The recently negotiated Trans-Pacific Partnership has been criticized by some corners of both the right and left, though Congress did vote last year to grant the president “fast-track” authority. In general, do you support or oppose the TPP? Why or why not? Do you believe that it does enough to protect American workers?

I am against the TPP because it does not do enough to protect North Carolina workers or our environment. While Senator Burr says he’s against TPP, what he doesn’t tell you is that he voted to allow the deal to be fast-tracked through Congress. We need to focus on proposals that help homegrown businesses compete on the global stage and sell their products abroad―not sign on to trade deals that would ship American jobs overseas. My focus in the Senate will be on doing everything we can to bring jobs back into our state.

What do you believe is driving the polarization of and rancor in American politics? Is there anything you believe Congress can do about it? In what areas do you believe you could reach a compromise with members of the opposite political party?

The extreme partisanship in Washington has hurt North Carolina. It’s caused the government to be shut down, our credit rating to be compromised, and for Americans to worry about our future.

I have a strong record of working across the aisle to get things done. I’ve worked with members of both parties on domestic violence reform, ethics reform, nonpartisan redistricting, landmark anti-racial profiling legislation, and a bill requiring insurance coverage of contraceptives long before the Affordable Care Act.

I served in the General Assembly when it was a Democratic Majority, a Republican Majority and when it was evenly divided. I got things done because I worked with my colleagues and treated them with respect – even if we didn’t agree. More than 90% of the bills I sponsored in the State House that became law passed with more Republicans supporting than opposing them and about 80% passed with fewer than 5 Republicans voting NO.

In the Senate, I will always do what's best for North Carolina. It doesn’t matter if it’s a Republican idea or a Democratic idea – if it's a good idea and will help our state then I will be there to support it.

One particularly galling example of congressional gridlock is Congress’s inability to pass funding to combat the Zika virus. The White House asked for $1.9 billion; congressional Republicans settled on

$1.1 billion but attached a series of what Democrats call “poison pills”―e.g., Planned Parenthood funding, flying Confederate flags over national cemeteries―that have led to a filibuster and White House veto threat. As a member of Congress, what would you do to get past these impasses?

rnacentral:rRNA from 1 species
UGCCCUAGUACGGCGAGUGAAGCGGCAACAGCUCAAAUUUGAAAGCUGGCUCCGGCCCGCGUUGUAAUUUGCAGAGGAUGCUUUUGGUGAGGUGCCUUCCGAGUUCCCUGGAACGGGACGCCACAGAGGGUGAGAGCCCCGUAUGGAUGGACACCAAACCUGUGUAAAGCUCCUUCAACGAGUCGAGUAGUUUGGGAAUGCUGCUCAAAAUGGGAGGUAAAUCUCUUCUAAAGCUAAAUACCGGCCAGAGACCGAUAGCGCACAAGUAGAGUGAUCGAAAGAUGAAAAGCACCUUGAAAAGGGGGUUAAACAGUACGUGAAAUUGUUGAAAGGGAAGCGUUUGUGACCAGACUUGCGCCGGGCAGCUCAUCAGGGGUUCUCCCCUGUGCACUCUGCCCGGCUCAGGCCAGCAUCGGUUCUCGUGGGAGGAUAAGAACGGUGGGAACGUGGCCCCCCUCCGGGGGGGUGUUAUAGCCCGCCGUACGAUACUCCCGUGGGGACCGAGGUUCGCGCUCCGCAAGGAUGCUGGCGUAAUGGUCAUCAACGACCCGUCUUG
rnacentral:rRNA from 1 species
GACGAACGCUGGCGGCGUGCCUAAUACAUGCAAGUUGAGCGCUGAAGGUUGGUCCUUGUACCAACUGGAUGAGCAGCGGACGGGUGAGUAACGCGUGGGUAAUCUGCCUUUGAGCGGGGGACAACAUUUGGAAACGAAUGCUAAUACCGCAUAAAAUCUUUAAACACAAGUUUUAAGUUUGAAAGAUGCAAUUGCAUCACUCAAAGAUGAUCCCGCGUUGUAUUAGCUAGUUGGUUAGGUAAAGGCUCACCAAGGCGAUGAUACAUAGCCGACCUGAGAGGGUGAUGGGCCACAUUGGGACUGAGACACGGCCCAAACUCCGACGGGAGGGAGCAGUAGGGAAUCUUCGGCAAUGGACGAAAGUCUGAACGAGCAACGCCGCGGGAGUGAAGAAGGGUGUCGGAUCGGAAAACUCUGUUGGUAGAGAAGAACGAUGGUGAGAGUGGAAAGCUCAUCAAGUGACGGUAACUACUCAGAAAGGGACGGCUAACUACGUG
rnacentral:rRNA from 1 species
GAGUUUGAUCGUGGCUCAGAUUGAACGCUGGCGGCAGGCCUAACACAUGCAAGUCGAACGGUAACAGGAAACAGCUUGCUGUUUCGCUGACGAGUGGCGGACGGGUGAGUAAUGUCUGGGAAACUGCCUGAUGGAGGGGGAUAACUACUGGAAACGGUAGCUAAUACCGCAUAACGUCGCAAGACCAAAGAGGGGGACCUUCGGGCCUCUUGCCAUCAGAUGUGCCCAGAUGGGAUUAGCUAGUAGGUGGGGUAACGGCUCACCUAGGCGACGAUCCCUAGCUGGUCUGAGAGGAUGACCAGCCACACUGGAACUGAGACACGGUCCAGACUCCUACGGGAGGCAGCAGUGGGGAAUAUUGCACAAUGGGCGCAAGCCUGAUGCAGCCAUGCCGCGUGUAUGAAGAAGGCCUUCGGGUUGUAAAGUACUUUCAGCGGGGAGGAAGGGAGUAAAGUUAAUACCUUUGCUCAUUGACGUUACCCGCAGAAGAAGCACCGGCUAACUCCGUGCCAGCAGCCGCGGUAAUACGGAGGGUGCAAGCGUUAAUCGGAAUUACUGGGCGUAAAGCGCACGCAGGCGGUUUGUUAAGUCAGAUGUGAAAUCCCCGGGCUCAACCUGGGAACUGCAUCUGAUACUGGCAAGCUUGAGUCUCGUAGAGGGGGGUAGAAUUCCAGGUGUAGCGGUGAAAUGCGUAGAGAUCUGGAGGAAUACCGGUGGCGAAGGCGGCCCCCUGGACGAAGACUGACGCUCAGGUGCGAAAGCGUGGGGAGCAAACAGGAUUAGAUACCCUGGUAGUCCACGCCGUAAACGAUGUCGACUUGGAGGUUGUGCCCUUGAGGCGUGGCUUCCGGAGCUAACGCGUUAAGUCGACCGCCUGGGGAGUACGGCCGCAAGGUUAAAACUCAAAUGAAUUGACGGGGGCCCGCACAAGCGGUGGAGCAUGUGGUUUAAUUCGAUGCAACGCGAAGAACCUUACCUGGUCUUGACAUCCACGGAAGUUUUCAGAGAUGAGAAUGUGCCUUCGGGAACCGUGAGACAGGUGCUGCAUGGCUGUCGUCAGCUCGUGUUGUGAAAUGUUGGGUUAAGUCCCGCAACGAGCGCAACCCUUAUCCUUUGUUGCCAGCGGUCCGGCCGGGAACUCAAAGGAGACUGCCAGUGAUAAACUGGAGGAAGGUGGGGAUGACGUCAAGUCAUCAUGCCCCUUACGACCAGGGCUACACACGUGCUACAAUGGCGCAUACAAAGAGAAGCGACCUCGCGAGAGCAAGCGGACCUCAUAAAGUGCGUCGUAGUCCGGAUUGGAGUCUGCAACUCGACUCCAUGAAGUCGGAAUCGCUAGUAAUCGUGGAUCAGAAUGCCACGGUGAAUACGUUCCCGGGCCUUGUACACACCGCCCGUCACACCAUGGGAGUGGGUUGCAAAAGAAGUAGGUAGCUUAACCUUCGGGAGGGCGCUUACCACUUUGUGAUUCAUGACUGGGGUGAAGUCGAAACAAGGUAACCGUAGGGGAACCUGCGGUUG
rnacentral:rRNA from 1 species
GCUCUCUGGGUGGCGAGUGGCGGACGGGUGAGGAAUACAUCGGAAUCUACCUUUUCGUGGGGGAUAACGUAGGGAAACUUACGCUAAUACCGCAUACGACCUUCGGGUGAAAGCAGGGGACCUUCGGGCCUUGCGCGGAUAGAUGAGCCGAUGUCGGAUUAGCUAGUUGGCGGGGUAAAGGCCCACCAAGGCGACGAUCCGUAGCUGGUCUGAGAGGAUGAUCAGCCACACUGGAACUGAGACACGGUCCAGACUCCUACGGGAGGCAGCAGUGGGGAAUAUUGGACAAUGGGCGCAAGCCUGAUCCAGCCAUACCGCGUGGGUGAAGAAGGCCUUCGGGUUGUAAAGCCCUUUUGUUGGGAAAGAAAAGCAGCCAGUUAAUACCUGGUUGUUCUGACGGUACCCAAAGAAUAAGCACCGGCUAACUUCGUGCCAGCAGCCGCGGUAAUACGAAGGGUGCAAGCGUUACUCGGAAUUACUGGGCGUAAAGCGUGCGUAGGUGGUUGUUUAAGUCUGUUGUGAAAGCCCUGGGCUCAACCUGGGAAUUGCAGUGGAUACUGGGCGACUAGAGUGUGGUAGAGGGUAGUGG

The partisan gridlock over the ZIka funding bill represents everything that is wrong with Washington politics. Four months after President Obama and public health experts requested $1.9 billion to respond to the Zika virus – Senator Burr voted to advance a Republican bill that fell $800 million short, politicized women’s health, and restricted funding for family planning services. Not only that, the bill cut funding for veterans by $500 million. Unlike Senator Burr, who chooses partisanship and special interests over the people of North Carolina, I would have worked across the aisle to make sure we passed the much needed funding for the Zika public health crisis much earlier.

Donald Trump’s campaign has been marked by bombast and incendiary remarksattacking Gold Star parents, for example, or calling Mexican immigrants rapists. Do you believe these remarks render Trump temperamentally unfit for the presidency?

Yes. It is clear that Donald Trump is too reckless to be our Commander-in-Chief.

Hillary Clinton’s campaign has been dogged by an FBI investigation into her email use at the State Department. Do you believe that Clinton is trustworthy and honest?

Yes. The way Secretary Clinton handled her emails was wrong. She is the most prepared candidate to be Commander in Chief.

Identify and explain one principled stand you would be willing to take if elected that you suspect might cost you some popularity points with voters.

I would not support drilling off our coast. It’s not right for North Carolina’s fishing and tourism industries and it’s bad for our environment.

Earlier this year, the Court of Appeals issued an injunction against North Carolina’s voter ID law, which a deadlocked Supreme Court let stand. The Court of Appeals ruled that the law was conceived with discriminatory intent; recent reporting from The Washington Post has indicated that the law was drafted with the intention to discourage African Americans from voting. Do you believe the law passed by the legislature discriminates against black voters?

Yes. Unlike my opponent who said he didn’t think the law was “discriminatory at all,” I agree with the Fourth Circuit Court of Appeals that this law was indeed passed with “discriminatory intent.” Our electoral process is strongest when we bring more voices into the political process. While in the State House, I expanded the right to vote by sponsoring legislation that allowed same-day registration during the early voting period before Election Day. I also sponsored a bill that allowed voters to cast their ballot outside of their precinct. These two bills were undone by the discriminatory voter ID law, but, with this decision, once again provide increased access to the polls for all North Carolinians.